I was recently in a church that had several signs posted about not bringing food or drinks in the worship center. I asked a guest what he thought of the signs. His response was telling: “I think they are telling me they don’t want to clean up my mess.”
From that perspective, the sign was a negative sign for the church. At least from one person’s point of view it meant, “Don’t bother us.”
Many churches, however, have positive signs posted around the church facilities. Unless you are a curmudgeon, these signs would give you a favorable impression of the church. My comments after each sign reflect the message it would likely communicate.
- Guest parking. We welcome guests at our church. We want to treat you like a guest in our home and demonstrate our hospitality.
- Allergy alert. These are the snacks we will be serving your children. We care about them and their wellbeing. If they have allergy problems, we will gladly offer them an alternative snack.
- Expectant/young mother parking. We care about families. We especially understand the challenges young mothers have, and we hope this convenient parking helps a bit.
- Public welcome to this playground. We did not build this playground as just a perk for our members. We want all of the community to know they are welcome here.
- Guest welcome center. We always have someone at this welcome center during church activities. We have placed it at the entrance so you can walk right up and ask us any questions. We will also provide you information on our church.
- You are welcome to take a Bible. We want everyone to have a Bible. We provide these Bibles as our gift to you.
- Covered drop off. During inclement weather, we want you to have a place where you can drop off members of your family. This drop off is also available for those dropping off senior adults.
I love hearing from you readers. Let me know of some “positive signs” in your church.
Posted on February 3, 2016
With nearly 40 years of ministry experience, Thom Rainer has spent a lifetime committed to the growth and health of local churches across North America.
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I appreciate any sign that is welcoming and informing, to both guests and regular attenders.
That said, I understand why food and beverage (with the exception of water) are not allowed inside the sanctuary. The sanctuary is not a movie theater where eating and drinking and chit-chatting abound. It is a place where we can set aside worldly distractions and focus on worshiping and praising God. He — not our snacks and cell phones — deserves our full attention. There are plenty of other places within the church facility or campus where we can gather for food and fellowship. The sanctuary should remain “a place set apart” without anyone (guests or members) getting offended.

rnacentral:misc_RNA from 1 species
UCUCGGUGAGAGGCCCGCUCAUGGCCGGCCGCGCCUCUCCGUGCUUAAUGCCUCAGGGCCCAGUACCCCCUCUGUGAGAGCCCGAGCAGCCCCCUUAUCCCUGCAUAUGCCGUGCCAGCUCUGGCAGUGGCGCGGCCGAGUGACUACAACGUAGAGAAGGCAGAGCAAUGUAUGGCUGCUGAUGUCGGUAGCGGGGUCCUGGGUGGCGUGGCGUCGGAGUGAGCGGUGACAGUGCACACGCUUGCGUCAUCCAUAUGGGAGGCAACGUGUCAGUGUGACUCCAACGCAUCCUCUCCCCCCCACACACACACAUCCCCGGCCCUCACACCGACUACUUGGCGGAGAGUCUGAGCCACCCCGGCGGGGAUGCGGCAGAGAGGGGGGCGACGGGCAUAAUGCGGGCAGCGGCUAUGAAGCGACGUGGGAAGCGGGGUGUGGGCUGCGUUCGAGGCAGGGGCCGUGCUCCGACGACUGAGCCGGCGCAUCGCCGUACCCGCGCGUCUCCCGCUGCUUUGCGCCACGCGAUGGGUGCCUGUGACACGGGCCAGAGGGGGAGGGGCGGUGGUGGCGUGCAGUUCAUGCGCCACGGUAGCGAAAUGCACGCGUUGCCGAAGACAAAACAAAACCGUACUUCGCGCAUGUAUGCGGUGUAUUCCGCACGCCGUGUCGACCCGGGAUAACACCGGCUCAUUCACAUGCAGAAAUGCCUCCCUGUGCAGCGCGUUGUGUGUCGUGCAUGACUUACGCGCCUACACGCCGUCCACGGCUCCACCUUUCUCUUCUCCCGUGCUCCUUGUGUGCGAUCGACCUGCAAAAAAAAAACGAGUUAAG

Margaret, this is a great way of putting this and I agree with you. I’m working on a sign that doesn’t sound rude in regards to the food, drink, gum, cell phones in the sanctuary.
Shalom – I came across this discussion today and wondered if you ever came up with a new sign regarding food&beverages?
I am a young pastor, and have all ways tried to look at the church in this manner. That the church building is a tool for the body of Christ; the people of the church are Holy and sanctified not the building. Tools that get used, get dirty and warn down. We should do our best to use our tools well though, so thank you for this list of how to label our tools so that all feel free to use them.
Superb! I am going to implement.
To me the sanctuary is a place of worship and as such should be treated has a holy place. Moses was instructed to remove his shoes for the place was holy ground because of the presence of God. The temple was a holy place with a most holy place within its midst, and it was expected to be treated as such. With that said the issue of food and drink is an issue of respect for the holiness of the place where we meet to worship God. We teach manners to children and we should reflect those manners, especially when meeting with God in communion and worship. I feel it is offensive, possibly offensive to God such as being on a cell phone is with other company or smacking gum while talking, to come into a holy place to worship God crunching on snacks and drinking coffee etc.; with the exception of small children and the possible need of some to have water or mints to keep their mouths from being dry and stop a cough. How do you convey this idea in a positive way through signage? Is it possible that not all signage can get its message across with positive language? I would really like to know your thoughts on this, and anyone else’s thoughts on this. Thanks.
I just thought of a possible way to word it. How about, “Please finish food and drinks before entering to worship”? What are your thoughts?